Finding the Right Doctor for Cosmetic Botox

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Female doctor talking to a patient
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Botox® contains a neurotoxin that blocks nerves at the site of injection, keeping muscles from contracting, thus softening fine lines and wrinkles. Millions of people a year receive injections of Botox on the face and neck to temporarily “erase” the signs of aging. Botox is very effective, but complications and serious side effects are possible. You want the provider who performs your Botox injection to have the proper medical training and experience to anticipate and prevent complications. 

Top Things to Look For

Botox is safest when a doctor performs the procedure. Sometimes, doctors oversee medically trained professionals who give the actual injection. 

Find a doctor who:

  • Is board certified and who specializes in cosmetic procedures

  • Has experience performing cosmetic Botox injections

  • You are comfortable talking with and who fully answers your questions

Use the following four steps to find the best doctor for your cosmetic Botox injections.

1. Ask Around

Start by creating a list of potential doctors. Family members, friends, and current healthcare providers (such as your primary care doctor) may have providers they recommend. If you’re starting out without any referrals, or you’re looking for more options, search Healthgrades.com for doctors who perform Botox injections. 

Healthgrades.com shows patient satisfaction ratings, which give you insight into how your own experience might be with the doctor. Patients rate the doctor and the doctor’s medical practice, and say if they would recommend the doctor to family and friends.

2. Research Credentials and Experience

Take time to research the doctors’ credentials and experience. Look for a doctor who is board certified and performs cosmetic Botox injections on a regular basis. This may be a plastic surgeon, dermatologist, ophthalmologist, cosmetic surgeon, or another board-certified doctor. The more experience a doctor has with cosmetic Botox, the better your results are likely to be. 

Also, confirm that the doctor is in good standing with state and federal agencies and that he or she has no history of malpractice claims or disciplinary actions. You’ll find all this information on Healthgrades.com.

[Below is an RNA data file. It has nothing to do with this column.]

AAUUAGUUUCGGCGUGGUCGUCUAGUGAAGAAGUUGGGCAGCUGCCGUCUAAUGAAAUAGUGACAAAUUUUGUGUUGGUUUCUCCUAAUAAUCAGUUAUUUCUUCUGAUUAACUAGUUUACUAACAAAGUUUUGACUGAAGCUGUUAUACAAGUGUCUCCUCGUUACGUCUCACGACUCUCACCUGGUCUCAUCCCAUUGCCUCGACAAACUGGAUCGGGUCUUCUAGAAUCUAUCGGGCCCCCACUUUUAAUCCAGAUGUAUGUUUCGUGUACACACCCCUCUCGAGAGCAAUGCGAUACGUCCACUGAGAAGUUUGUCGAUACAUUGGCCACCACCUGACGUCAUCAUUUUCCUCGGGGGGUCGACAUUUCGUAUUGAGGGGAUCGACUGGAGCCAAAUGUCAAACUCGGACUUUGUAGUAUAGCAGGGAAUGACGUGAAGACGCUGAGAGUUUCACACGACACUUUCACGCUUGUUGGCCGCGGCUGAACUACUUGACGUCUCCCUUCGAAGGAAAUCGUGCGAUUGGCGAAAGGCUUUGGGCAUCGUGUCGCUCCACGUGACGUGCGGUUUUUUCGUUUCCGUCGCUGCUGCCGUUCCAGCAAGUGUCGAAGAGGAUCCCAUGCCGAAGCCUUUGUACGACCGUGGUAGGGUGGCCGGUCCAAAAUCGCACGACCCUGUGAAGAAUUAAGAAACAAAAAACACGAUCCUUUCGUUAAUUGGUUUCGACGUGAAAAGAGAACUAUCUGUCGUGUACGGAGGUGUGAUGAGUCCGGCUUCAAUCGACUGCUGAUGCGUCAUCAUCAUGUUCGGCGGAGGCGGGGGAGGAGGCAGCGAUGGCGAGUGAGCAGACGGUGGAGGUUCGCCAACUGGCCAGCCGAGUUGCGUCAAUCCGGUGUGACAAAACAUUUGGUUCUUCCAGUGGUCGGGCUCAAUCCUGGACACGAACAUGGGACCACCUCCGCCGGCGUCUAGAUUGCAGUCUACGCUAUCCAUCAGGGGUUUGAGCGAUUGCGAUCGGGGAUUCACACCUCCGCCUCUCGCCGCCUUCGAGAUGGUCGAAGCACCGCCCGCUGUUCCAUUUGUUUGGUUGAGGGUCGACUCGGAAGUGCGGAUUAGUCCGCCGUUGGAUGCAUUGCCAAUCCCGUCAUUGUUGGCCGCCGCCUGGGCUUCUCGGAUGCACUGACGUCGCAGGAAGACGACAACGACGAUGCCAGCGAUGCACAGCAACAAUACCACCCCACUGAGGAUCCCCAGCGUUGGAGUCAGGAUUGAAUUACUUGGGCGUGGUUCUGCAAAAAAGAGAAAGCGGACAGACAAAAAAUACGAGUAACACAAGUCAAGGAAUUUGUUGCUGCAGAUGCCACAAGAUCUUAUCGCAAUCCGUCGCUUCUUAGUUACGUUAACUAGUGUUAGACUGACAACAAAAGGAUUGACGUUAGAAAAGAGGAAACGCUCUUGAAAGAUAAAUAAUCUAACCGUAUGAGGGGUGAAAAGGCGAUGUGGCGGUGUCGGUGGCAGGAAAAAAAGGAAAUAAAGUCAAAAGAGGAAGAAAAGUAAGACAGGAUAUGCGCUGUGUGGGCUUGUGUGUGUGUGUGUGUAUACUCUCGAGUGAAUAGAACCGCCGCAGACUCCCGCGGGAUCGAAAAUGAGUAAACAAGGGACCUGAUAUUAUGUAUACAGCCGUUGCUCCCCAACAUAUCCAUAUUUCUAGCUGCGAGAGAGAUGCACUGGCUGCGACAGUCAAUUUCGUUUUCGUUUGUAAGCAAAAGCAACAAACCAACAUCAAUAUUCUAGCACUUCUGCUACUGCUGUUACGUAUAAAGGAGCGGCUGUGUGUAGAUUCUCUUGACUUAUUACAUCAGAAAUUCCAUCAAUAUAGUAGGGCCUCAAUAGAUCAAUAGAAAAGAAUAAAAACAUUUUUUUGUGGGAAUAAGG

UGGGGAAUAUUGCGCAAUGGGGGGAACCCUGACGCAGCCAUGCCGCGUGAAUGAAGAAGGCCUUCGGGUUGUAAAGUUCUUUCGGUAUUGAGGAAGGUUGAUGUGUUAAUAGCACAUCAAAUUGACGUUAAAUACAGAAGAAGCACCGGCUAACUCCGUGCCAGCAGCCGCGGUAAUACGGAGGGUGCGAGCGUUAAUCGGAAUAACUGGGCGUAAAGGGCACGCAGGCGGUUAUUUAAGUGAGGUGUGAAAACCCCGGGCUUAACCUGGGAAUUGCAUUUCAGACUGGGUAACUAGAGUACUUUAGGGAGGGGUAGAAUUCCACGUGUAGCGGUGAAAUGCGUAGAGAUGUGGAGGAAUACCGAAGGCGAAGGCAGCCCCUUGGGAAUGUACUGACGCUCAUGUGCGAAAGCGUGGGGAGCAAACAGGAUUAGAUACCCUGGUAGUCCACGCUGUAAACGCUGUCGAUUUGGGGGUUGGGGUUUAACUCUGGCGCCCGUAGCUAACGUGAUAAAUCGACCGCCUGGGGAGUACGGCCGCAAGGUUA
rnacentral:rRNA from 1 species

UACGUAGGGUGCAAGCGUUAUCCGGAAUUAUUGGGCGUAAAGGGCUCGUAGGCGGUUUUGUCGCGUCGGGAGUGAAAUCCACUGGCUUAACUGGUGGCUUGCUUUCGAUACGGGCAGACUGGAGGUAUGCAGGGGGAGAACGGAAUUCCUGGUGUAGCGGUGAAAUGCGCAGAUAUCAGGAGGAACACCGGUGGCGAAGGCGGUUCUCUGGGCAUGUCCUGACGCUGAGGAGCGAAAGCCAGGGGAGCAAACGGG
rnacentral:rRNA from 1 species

3. Interview the Provider

As you narrow down your list of providers, call and ask for a consult appointment to meet and interview the provider. 

  • Ask yourself if you are comfortable talking with the provider.

  • Does he or she respect your opinions and answer your questions in a way you understand?

Here are some questions to ask the provider:

  • Will you personally give my Botox injections or will you be supervising someone else giving the injections?

  • Do you typically treat patients like me? Am I a good candidate for Botox?

  • How many times have you injected Botox?

  • What results do you usually see?

  • How frequently do you encounter complications from Botox injections? 

  • Given my medical history, what is my risk of complications from Botox? Ask the doctor to review your medical history including all medications, vitamins and supplements you take.

  • What do you do to avoid complications or correct them if they occur?

4. Talk About Costs 

Insurance plans typically do not cover cosmetic procedures like Botox. Talk with your doctor about costs. Some providers will work with you to develop a payment plan that meets your needs. This is important because the effects of Botox wear off after 3 to 4 months. You need repeat injections to maintain the results.

Keep in mind your safety and satisfaction with the results is as important as the cost. Don’t automatically go with the least expensive doctor. You still need to consider the doctor’s experience and expertise.

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Medical Reviewer: William C. Lloyd III, MD, FACS
Last Review Date: 2019 Oct 9
THIS TOOL DOES NOT PROVIDE MEDICAL ADVICE. It is intended for informational purposes only. It is not a substitute for professional medical advice, diagnosis or treatment. Never ignore professional medical advice in seeking treatment because of something you have read on the site. If you think you may have a medical emergency, immediately call your doctor or dial 911.

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